In today’s Gospel Our Lord knows what’s on everyone’s mind, and he doesn’t duck the issue: is this Rabbi going to start breaking the rules again? The Pharisees are watching him and judging him. A dropsical man is sitting there, not even asking Jesus to heal him, maybe because it is the Sabbath. Dropsy is a painful swelling, an edema, and not something you’d want to put off healing. When Our Lord takes the Pharisees to task for possibly having a problem with healing someone suffering in that condition when they’d have no problem rescuing their son or cattle from falling into a well, he is driving home that God did not intend the Sabbath as a moment to rest from helping someone suffering or in need, and common sense proves that.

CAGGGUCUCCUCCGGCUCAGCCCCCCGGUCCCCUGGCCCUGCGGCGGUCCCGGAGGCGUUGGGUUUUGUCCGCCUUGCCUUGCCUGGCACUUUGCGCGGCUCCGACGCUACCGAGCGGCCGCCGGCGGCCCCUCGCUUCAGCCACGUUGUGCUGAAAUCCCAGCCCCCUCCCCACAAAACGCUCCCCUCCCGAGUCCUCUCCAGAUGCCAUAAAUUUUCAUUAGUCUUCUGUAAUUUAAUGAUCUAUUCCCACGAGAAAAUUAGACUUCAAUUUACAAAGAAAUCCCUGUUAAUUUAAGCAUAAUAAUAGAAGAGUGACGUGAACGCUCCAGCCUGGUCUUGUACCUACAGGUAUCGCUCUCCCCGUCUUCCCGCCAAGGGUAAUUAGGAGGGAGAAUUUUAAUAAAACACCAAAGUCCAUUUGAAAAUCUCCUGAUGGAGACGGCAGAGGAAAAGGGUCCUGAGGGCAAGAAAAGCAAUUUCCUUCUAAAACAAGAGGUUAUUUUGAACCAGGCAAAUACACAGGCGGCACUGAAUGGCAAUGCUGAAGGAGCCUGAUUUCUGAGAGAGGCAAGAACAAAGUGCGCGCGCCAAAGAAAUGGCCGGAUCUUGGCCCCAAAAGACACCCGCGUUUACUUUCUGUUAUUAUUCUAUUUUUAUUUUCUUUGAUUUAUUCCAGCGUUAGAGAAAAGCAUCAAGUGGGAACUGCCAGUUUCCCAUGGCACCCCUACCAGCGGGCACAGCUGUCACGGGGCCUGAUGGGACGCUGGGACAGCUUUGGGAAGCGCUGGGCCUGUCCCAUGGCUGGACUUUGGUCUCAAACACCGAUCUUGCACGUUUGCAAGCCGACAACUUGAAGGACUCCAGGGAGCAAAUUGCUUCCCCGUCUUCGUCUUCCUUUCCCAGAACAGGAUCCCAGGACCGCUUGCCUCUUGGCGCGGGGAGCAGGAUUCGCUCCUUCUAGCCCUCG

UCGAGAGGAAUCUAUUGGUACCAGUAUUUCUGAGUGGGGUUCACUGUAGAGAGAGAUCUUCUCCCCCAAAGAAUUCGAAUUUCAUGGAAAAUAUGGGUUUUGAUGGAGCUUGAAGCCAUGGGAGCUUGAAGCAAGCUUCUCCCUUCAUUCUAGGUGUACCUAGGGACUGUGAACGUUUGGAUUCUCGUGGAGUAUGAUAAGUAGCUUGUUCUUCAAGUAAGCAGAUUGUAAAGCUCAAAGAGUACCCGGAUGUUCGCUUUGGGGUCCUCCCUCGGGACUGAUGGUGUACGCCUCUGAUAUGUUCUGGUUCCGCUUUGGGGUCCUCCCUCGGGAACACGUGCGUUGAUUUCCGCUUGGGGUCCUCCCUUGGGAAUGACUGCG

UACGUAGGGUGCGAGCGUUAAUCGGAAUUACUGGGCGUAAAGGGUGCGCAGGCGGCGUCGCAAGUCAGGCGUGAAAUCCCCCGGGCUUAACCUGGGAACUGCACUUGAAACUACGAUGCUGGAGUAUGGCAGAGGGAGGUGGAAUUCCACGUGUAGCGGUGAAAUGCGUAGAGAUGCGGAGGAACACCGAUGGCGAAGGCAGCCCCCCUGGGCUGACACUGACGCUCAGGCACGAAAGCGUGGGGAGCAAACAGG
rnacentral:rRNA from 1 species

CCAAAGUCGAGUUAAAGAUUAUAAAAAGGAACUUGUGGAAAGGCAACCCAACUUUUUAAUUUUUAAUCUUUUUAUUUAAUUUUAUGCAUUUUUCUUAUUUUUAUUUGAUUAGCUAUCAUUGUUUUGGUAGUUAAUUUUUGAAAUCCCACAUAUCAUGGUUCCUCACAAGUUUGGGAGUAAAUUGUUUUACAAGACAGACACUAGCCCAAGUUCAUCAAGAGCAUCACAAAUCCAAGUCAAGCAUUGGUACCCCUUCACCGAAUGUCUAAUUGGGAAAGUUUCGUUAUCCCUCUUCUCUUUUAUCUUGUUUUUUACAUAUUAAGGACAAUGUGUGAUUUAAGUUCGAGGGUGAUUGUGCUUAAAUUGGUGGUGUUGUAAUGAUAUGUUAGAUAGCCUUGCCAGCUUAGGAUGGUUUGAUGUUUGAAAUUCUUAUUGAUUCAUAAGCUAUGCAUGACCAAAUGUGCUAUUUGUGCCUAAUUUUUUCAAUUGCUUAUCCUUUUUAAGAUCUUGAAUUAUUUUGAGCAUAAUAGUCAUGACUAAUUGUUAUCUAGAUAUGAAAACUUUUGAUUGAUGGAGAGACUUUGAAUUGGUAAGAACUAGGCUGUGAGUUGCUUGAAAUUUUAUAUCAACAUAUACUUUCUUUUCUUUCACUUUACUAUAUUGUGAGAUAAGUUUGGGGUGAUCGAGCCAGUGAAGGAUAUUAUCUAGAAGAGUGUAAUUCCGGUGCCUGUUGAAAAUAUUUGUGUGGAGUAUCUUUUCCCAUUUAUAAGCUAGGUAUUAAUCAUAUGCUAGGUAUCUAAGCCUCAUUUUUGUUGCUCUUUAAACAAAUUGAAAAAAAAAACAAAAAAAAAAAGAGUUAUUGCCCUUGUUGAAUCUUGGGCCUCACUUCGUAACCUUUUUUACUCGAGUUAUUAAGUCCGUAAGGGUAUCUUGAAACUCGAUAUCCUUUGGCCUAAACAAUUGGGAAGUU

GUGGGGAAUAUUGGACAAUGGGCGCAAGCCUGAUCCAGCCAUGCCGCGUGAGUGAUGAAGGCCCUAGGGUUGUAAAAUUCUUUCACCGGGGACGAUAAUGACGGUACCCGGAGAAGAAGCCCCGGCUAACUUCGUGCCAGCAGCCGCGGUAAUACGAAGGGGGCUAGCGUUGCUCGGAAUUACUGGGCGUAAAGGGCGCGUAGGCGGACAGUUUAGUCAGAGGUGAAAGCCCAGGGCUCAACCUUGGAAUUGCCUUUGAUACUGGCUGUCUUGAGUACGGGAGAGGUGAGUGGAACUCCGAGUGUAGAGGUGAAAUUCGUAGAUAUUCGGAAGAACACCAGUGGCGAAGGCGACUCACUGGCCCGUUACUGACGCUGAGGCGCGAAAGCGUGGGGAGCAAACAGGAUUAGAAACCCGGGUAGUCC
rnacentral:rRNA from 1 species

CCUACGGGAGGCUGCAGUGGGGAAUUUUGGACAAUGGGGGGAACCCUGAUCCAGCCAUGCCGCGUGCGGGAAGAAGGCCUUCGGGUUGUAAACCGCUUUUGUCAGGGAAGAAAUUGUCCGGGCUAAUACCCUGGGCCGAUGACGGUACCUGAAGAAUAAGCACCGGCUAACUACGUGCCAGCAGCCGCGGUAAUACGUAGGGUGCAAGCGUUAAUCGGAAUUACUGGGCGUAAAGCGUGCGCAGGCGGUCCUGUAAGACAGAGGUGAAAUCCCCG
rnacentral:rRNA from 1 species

The Pharisees had no response. At least this time they didn’t decide to try and trip him up as on past occasions when he contradicted their teaching, because it was hard to refute his logic. In today’s society there are many things considered as givens because no one has the courage, upon examination, to question them. They remain with the status quo because it is more comfortable, but sometimes we need to go out beyond our comfort zone and embrace greater and uncomfortable truths that are the path to greater fulfillment. That doesn’t mean inventing new truths, but discovering the enduring ones behind everything we think and do.
If you feel scrutinized today because of your beliefs, don’t be afraid to turn that into an opportunity to share the Truth that will set those people free.
Readings: Romans 9:1–5; Psalm 147:12–15, 19–20; Luke 14:1–6.